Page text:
As an alarming example on how AI is trained, an ISP used data brokers’ data to market products to new customers by getting lists of new homeowners in a particular geography.

The ISP also bought additional data on their existing customers by sending their customer names and addresses to the data broker.

The data brokers appended demographic information (gender, age range, race and ethnicity information, marital status, parental status) and interest data (hiking, biking, gardening, bodybuilding, high-end spirits) for those subscribers.

Then, they used data broker data combined with their data to create their custom segmentation of customers to market to, which often revealed sensitive data about their customers. Examples of segments developed include “viewership-gay,” “pro-choice,” “African American,” “Assimilation or Origin Score,” “Jewish,” “Asian Achievers,” “Gospel and Grits,” “Hispanic Harmony,” “working class,” “unlikely voter,” “tough times,” “investor high-value,” and “seeking medical care.”

Acxiom, Epsilon, and Oracle are some of the more significant players in this category.

In addition, a new set of data brokers have emerged around providing location data to advertisers and marketers.

Examples include Safegraph and Placer.AI, both of which generated controversy in the Spring of 2022 when reporters were able to purchase data from them that could track phones going to and from Planned Parenthood.

While location brokers may not provide the names of users associated with the location data, many of the location brokers will provide the Mobile Advertising IDs (MAIDs) associated with the phone location data.

People search data brokers provide websites that enable searches for information about consumers. The FTC says that “users can use these products to research corporate executives and competitors, find old friends, look up a potential love interest or neighbor, network, or obtain court records or other information about consumers.”

Some are designed like a phone directory, allowing you to view consumer data by name, mailing address, phone number, or email address. They can also do reverse phone lookups to map who owns a phone number. But because they also collect data from government records, social media, and commercial sources, the information is much more detailed than a phone book. For example, it can show relationships between family members even though they may not be living at the same address or share the same last name. They will also publish your age.

In addition, even though you may have opted out to be published in a telephone directory or specified in the FTC’s Do Not Call Registry to not be telemarketed to, these sites will still publish your address and phone number.

The people search websites will also offer, for a fee, a “full” background check. This will include arrest and criminal records, misdemeanors and felonies, warrants, and police records, evictions and foreclosures, professional licenses, marriage and divorce records, birth and death records, and more.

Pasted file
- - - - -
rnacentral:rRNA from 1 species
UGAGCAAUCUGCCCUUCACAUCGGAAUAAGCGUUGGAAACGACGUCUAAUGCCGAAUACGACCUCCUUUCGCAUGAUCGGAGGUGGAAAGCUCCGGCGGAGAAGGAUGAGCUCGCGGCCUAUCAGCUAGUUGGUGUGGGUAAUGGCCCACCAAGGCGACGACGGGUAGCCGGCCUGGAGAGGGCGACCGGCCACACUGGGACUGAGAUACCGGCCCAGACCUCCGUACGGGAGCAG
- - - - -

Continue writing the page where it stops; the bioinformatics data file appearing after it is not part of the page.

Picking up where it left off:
Well-known data brokers in this space include Spokeo, ZoomInfo, White Pages, PeopleSmart, Intelius, PeopleFinders, BeenVerified, and PeekYou.

Personal Health Brokers collect, share and sell consumer health data to pharmaceutical and health insurance companies. Data collected includes purchases of over-the-counter drugs, geriatric supplies and weight loss supplements, contact lenses, and health-related magazine subscriptions. Other data elements include if a consumer buys disability or supplemental insurance, and any online searches related to a specific ailment.

Data brokers will also collect purchase history or reported interest in particular health topics, including allergies, arthritis, cholesterol, diabetes, and senior needs.

Even though health data is supposed to be strictly regulated, the data broker firm Epsilon claims they track over 100 medical conditions, procedures, or ailments, including colitis, depression, or anorexia.

As these data providers are not “covered entities” under the Health Insurance Portability and Accountability Act (HIPAA), there is no restriction on the collecting and selling of this highly sensitive data.


It is estimated that the global data broker market was valued at $257,160,000,000 in 2021 and the total data brokerage revenue is expected to grow at 4.5% from 2022 to 2029, reaching nearly $365,710,000,000—from a market research website selling a 5,000-dollar-108-page data brokerage report.

Overall, data brokers collect a wide range of data types, and this data can be used for a variety of purposes, including targeted advertising, risk assessment, and fraud detection. However, this data is also highly sensitive and can be vulnerable to data breaches and misuse.

It is important for individuals to be aware of their data privacy rights and to take steps to protect their personal information.

California Privacy Rights Act (Full Text) | EU General Data Protection Regulation | California Consumer Privacy Act